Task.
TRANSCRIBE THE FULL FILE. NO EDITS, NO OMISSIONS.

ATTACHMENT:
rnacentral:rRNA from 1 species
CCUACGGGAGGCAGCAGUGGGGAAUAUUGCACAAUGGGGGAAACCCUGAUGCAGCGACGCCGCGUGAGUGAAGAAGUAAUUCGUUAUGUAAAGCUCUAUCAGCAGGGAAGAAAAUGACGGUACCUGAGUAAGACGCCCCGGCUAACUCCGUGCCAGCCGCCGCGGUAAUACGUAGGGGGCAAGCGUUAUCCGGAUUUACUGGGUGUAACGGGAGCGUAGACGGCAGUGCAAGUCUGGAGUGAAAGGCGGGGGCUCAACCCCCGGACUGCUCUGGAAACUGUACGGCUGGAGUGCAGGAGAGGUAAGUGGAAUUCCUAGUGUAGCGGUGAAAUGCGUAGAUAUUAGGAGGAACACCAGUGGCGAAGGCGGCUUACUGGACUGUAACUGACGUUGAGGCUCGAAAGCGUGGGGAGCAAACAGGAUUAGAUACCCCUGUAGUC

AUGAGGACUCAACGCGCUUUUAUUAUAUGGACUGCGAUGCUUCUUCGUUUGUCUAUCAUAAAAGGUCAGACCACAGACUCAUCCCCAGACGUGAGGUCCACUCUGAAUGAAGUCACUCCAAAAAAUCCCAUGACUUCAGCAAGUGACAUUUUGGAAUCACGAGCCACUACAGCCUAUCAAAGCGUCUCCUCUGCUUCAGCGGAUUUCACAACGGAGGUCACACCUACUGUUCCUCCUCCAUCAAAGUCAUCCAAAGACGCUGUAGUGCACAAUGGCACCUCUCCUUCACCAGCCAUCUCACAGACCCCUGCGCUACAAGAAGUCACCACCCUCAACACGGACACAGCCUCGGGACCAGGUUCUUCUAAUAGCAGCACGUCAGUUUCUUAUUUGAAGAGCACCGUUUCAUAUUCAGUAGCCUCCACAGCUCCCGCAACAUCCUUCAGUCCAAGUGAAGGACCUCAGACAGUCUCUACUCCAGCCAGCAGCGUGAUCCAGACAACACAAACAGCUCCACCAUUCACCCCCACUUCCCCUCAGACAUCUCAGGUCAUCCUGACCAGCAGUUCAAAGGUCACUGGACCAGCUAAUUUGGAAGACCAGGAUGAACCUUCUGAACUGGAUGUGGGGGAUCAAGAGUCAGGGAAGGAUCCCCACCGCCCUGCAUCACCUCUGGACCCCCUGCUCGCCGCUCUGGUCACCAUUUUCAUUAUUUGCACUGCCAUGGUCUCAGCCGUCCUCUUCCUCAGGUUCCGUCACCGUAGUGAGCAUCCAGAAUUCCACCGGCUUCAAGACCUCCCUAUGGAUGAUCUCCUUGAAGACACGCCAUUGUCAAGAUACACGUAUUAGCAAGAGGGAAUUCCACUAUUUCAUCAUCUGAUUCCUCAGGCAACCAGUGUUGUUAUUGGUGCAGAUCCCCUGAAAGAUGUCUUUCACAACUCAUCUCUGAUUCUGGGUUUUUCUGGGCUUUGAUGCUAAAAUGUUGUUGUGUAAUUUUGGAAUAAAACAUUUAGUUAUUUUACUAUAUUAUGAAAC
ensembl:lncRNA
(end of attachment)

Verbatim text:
rnacentral:rRNA from 1 species
CCUACGGGAGGCAGCAGUGGGGAAUAUUGCACAAUGGGGGAAACCCUGAUGCAGCGACGCCGCGUGAGUGAAGAAGUAAUUCGUUAUGUAAAGCUCUAUCAGCAGGGAAGAAAAUGACGGUACCUGAGUAAGACGCCCCGGCUAACUCCGUGCCAGCCGCCGCGGUAAUACGUAGGGGGCAAGCGUUAUCCGGAUUUACUGGGUGUAACGGGAGCGUAGACGGCAGUGCAAGUCUGGAGUGAAAGGCGGGGGCUCAACCCCCGGACUGCUCUGGAAACUGUACGGCUGGAGUGCAGGAGAGGUAAGUGGAAUUCCUAGUGUAGCGGUGAAAUGCGUAGAUAUUAGGAGGAACACCAGUGGCGAAGGCGGCUUACUGGACUGUAACUGACGUUGAGGCUCGAAAGCGUGGGGAGCAAACAGGAUUAGAUACCCCUGUAGUC

AUGAGGACUCAACGCGCUUUUAUUAUAUGGACUGCGAUGCUUCUUCGUUUGUCUAUCAUAAAAGGUCAGACCACAGACUCAUCCCCAGACGUGAGGUCCACUCUGAAUGAAGUCACUCCAAAAAAUCCCAUGACUUCAGCAAGUGACAUUUUGGAAUCACGAGCCACUACAGCCUAUCAAAGCGUCUCCUCUGCUUCAGCGGAUUUCACAACGGAGGUCACACCUACUGUUCCUCCUCCAUCAAAGUCAUCCAAAGACGCUGUAGUGCACAAUGGCACCUCUCCUUCACCAGCCAUCUCACAGACCCCUGCGCUACAAGAAGUCACCACCCUCAACACGGACACAGCCUCGGGACCAGGUUCUUCUAAUAGCAGCACGUCAGUUUCUUAUUUGAAGAGCACCGUUUCAUAUUCAGUAGCCUCCACAGCUCCCGCAACAUCCUUCAGUCCAAGUGAAGGACCUCAGACAGUCUCUACUCCAGCCAGCAGCGUGAUCCAGACAACACAAACAGCUCCACCAUUCACCCCCACUUCCCCUCAGACAUCUCAGGUCAUCCUGACCAGCAGUUCAAAGGUCACUGGACCAGCUAAUUUGGAAGACCAGGAUGAACCUUCUGAACUGGAUGUGGGGGAUCAAGAGUCAGGGAAGGAUCCCCACCGCCCUGCAUCACCUCUGGACCCCCUGCUCGCCGCUCUGGUCACCAUUUUCAUUAUUUGCACUGCCAUGGUCUCAGCCGUCCUCUUCCUCAGGUUCCGUCACCGUAGUGAGCAUCCAGAAUUCCACCGGCUUCAAGACCUCCCUAUGGAUGAUCUCCUUGAAGACACGCCAUUGUCAAGAUACACGUAUUAGCAAGAGGGAAUUCCACUAUUUCAUCAUCUGAUUCCUCAGGCAACCAGUGUUGUUAUUGGUGCAGAUCCCCUGAAAGAUGUCUUUCACAACUCAUCUCUGAUUCUGGGUUUUUCUGGGCUUUGAUGCUAAAAUGUUGUUGUGUAAUUUUGGAAUAAAACAUUUAGUUAUUUUACUAUAUUAUGAAAC
ensembl:lncRNA